Improvements in transportation set the pace for development in the first half of the 19th century. The Nyack Turnpike opened in 1830 between Nyack and Suffern and connected with the Orange Turnpike, the inland route to Albany. In 1827 steamboat travel, which gradually replaced the river sloops, began from Nyack to New York City, attracting competition from steamboats later built at Haverstraw and Tappan. A road was built over the marshes at Piermont to the end of a 500 foot pier, which became the terminus of the Erie Railroad. Eleazor Lord planned a railroad through the Ramapo Pass to serve New York's southern tier. Work began in 1838, and the 484 miles to Dukirk on Lake Erie was completed in 1851, making it the second longest railroad in the world. President Millard Fillmore and the Secretary of State Daniel Webster, boarded the train at the Piermont Pier for the first trip. The opening of the West Shore Railroad in 1883 established a north/south service.
ETHNICITY AND IMMIGRATION
The earliest settlers, reflecting the colonizing nations were Dutch and English. By the middle of the 19th century the Irish and Germans came to work in Rockland's industry. By the end of the 19th century immigrants came from Southern and Eastern Europe.
POPULATION AND SETTLEMENT
The small geographical size of Rockland County is reflected in the fact that the population only increased from 6,353 in 1800 to 38,298 in 1900. Throughout the 19th century Rockland's villages such as Haverstraw, Nyack and Suffern, were the centers of economic activity.
The early Dutch Reformed churches in Tappan, New Hempstead and West Nyack, and the later Presbyterian churches laid the foundation for other Protestant denominations. The first Roman Catholic Church, St. Peter's in Haverstraw, opened in 1847 and Haverstraw was the site of the first Jewish temple in 1889, the Congregation of the Sons of Jacob.
By the middle of the 19th century debating societies were formed in Haverstraw, Nyack and Nanuet. Halls and "Opera Houses" flourished. Newspapers were established in Nyack and Haverstraw, and a fire in Haverstraw in 1854 brought about the formation of the county's first volunteer fire company.
By the 1920's Rockland County was becoming home to many artists, writers and stage celebrities. Henry Varnum Poor, the painter and muralist; Maxwell Anderson, the playwright, and Kurt Weil, the composer, all lived on South Mountain Road in New City.
Edward Hopper, the world-renowned artist, the writer, Carson McCullers, and the actress Helen Hayes lived in Nyack. Other county residents have included the actors Burgess Meridith and Al Pacino, actresses Ellen Burstyn and Arlene Dahl and TV newsmen, Mike Wallace and Morley Safer.
For over half a century the only school in the county was the one begun by the Tappan Reformed Church. The first schoolhouse was built there in 1711 and continued in use until 1860. The next mention of a school is in the Town of Haverstraw Highway Commissioner's report in 1796. Schooling in the late 18th and early 19th century was primarily done in private homes or schoolmaster's homes. As compulsory education spread there were 34 school districts established in 1829. Schools districts were established on the concept that a three mile square area with a centrally located school would allow children to walk to school. The middle of the 20th century saw the consolidation into eight school districts.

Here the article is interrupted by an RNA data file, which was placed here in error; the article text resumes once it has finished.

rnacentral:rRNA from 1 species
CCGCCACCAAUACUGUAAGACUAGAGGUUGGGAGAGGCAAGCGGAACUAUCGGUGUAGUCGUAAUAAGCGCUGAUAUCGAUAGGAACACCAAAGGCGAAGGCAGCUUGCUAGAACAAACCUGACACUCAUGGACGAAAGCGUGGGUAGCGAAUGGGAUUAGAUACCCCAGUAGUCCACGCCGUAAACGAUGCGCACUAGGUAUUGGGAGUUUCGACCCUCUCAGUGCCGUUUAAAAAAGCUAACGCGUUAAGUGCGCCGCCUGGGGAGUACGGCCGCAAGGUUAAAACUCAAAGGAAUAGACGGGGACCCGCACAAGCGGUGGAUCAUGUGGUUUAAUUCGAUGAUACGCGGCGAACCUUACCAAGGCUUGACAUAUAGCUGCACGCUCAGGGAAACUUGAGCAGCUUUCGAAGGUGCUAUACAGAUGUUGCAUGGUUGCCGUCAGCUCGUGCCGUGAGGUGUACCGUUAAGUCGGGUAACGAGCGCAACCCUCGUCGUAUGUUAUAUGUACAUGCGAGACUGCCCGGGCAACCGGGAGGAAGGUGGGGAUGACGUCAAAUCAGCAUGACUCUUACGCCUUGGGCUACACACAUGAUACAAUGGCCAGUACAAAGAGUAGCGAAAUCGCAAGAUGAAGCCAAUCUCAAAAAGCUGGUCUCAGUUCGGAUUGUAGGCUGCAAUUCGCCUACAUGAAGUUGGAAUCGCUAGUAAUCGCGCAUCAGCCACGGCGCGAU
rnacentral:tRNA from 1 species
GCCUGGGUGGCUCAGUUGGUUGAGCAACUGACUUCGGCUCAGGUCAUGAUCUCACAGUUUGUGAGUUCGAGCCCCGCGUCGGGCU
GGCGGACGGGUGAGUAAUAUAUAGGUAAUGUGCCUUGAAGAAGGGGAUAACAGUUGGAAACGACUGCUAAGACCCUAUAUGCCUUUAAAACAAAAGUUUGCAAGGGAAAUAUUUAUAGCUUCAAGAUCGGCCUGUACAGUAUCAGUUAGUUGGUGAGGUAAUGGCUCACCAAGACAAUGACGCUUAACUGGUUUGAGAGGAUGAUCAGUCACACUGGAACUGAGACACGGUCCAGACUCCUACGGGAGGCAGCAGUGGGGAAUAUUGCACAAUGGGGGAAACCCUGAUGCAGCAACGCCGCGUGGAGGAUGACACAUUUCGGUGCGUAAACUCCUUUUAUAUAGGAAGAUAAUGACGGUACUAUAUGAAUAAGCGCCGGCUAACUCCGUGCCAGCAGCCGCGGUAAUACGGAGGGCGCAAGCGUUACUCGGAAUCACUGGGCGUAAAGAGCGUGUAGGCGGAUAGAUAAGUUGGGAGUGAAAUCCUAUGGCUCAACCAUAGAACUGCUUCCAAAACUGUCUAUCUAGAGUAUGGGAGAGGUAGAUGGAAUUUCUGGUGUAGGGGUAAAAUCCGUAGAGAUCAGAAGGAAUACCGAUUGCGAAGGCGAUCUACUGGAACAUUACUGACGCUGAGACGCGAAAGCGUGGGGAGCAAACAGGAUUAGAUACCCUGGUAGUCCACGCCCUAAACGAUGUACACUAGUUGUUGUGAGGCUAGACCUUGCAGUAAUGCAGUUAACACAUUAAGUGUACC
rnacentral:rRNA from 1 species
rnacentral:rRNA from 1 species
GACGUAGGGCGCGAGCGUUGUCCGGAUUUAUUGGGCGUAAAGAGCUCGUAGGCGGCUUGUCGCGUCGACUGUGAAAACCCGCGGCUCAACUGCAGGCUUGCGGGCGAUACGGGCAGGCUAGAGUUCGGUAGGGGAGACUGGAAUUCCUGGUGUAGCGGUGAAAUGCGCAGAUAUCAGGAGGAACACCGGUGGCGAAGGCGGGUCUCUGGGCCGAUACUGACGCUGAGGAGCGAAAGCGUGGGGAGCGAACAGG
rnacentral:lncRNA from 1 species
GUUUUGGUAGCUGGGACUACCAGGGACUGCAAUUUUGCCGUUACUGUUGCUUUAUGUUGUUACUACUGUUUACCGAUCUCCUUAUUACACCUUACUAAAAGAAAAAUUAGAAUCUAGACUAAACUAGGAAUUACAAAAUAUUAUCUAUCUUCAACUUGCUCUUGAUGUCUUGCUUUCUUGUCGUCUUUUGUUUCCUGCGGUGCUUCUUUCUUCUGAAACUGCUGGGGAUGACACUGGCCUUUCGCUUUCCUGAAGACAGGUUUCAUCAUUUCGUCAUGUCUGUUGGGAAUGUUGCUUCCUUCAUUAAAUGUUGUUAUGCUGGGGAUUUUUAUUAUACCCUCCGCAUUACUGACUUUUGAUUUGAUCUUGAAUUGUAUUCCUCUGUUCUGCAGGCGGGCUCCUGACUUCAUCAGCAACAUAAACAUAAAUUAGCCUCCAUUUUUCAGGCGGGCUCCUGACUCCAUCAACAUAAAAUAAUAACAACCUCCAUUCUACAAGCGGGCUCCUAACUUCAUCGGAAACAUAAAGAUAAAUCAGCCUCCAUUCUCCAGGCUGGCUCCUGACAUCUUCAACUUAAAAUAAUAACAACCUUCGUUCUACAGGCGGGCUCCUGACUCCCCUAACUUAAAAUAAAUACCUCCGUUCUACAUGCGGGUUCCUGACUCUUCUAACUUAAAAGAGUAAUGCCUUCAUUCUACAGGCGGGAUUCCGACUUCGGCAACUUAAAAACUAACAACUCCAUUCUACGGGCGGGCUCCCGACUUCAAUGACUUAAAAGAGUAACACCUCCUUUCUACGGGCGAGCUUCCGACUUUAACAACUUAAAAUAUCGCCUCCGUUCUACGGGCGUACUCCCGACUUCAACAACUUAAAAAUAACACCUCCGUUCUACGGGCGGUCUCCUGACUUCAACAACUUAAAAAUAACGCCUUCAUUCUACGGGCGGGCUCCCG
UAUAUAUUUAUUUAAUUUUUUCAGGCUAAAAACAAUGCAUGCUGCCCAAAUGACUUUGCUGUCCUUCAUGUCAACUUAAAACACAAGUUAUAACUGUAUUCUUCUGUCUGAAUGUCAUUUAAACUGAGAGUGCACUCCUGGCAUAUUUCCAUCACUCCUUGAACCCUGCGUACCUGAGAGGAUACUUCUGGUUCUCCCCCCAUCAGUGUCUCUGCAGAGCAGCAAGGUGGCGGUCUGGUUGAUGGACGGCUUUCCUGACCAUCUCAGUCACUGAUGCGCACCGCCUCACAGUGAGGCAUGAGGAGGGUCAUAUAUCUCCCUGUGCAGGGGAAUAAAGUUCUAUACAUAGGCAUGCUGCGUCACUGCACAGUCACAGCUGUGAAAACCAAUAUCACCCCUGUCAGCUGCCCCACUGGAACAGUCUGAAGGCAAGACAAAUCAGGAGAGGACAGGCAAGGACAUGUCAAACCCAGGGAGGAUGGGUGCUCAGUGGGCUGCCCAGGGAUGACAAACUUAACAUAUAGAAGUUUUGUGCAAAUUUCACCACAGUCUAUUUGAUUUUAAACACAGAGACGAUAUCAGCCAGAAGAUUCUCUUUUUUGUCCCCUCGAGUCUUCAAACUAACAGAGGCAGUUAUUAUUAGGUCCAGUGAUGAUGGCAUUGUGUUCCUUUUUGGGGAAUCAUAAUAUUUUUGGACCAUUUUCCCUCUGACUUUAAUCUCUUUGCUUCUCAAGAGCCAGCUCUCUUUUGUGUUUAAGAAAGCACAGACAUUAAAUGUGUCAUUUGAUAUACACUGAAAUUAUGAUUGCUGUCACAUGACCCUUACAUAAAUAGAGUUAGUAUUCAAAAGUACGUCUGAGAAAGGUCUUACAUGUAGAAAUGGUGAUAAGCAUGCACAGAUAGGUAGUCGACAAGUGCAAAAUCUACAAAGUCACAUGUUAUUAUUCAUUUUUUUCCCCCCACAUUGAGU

From the late 19th century and through the first half of the 20th century, the Republican Party dominated Rockland County, with the exception of the traditional Democratic stronghold in Haverstraw. Today the Democratic Party has the most registrants but neither party dominates. From its beginning until 1972 the county government was run by a Board of Supervisors, consisting of the five town supervisors. The board was replaced by a county legislature. In 1984 a charter was passed by the voters which established the position of county executive.
Rockland's most famous politician was James A. Farley, who was the successful manager for the first presidential campaigns of Franklin D. Roosevelt and served as the United States Postmaster General from 1933 until 1940.
During World War II, Camp Shanks in Orangeburg was the largest Army port of embarkation on the East Coast, some 1.3 million G.I.'s passed through on route to North Africa and England. After the war, the camp became Shanks Village - the largest veterans' housing complex in the nation.
The most significant event in the last half of the 20th century was the opening of the Tappan Zee Bridge in 1955. The 3.5 mile span connected Rockland to Westchester and opened Rockland to the New York metropolitan area which caused a major spurt both in population and development. In 1950 the county population was 89,276 and by 1970 it increased to 229,903.
Although Rockland County's population has more than tripled in the last 50 years, there remains much natural beauty due to the fact that 30 percent of the county is parkland.
The county's population has also become more diverse and has a more international character. African-Americans, Hispanics and Asians and Pacific Islanders now comprise 25 percent of the population. The largest ancestry groups remain Irish, Italian and German, although new immigrants such as Haitians, Dominicans and Russians are increasingly represented bringing new contributions and needs. At the turn of the 21st century Rockland is one of the most ethnically diverse counties in the nation.
- Casey, Thomas F.X., "A Brief History of Rockland County," Rockland County Bicentennial Commemorative Journal (1998):6-14.
- Cole, David, History of Rockland County (1886; repr. The Historical Society of Rockland County, 1986).
- Green, Frank, The History of Rockland County (1886; repr. The Historical Society of Rockland County, 1989).
- Rockland County Planning Board, Rockland County: River to Ridge - A Plan for the 21st Century (New York): 2001.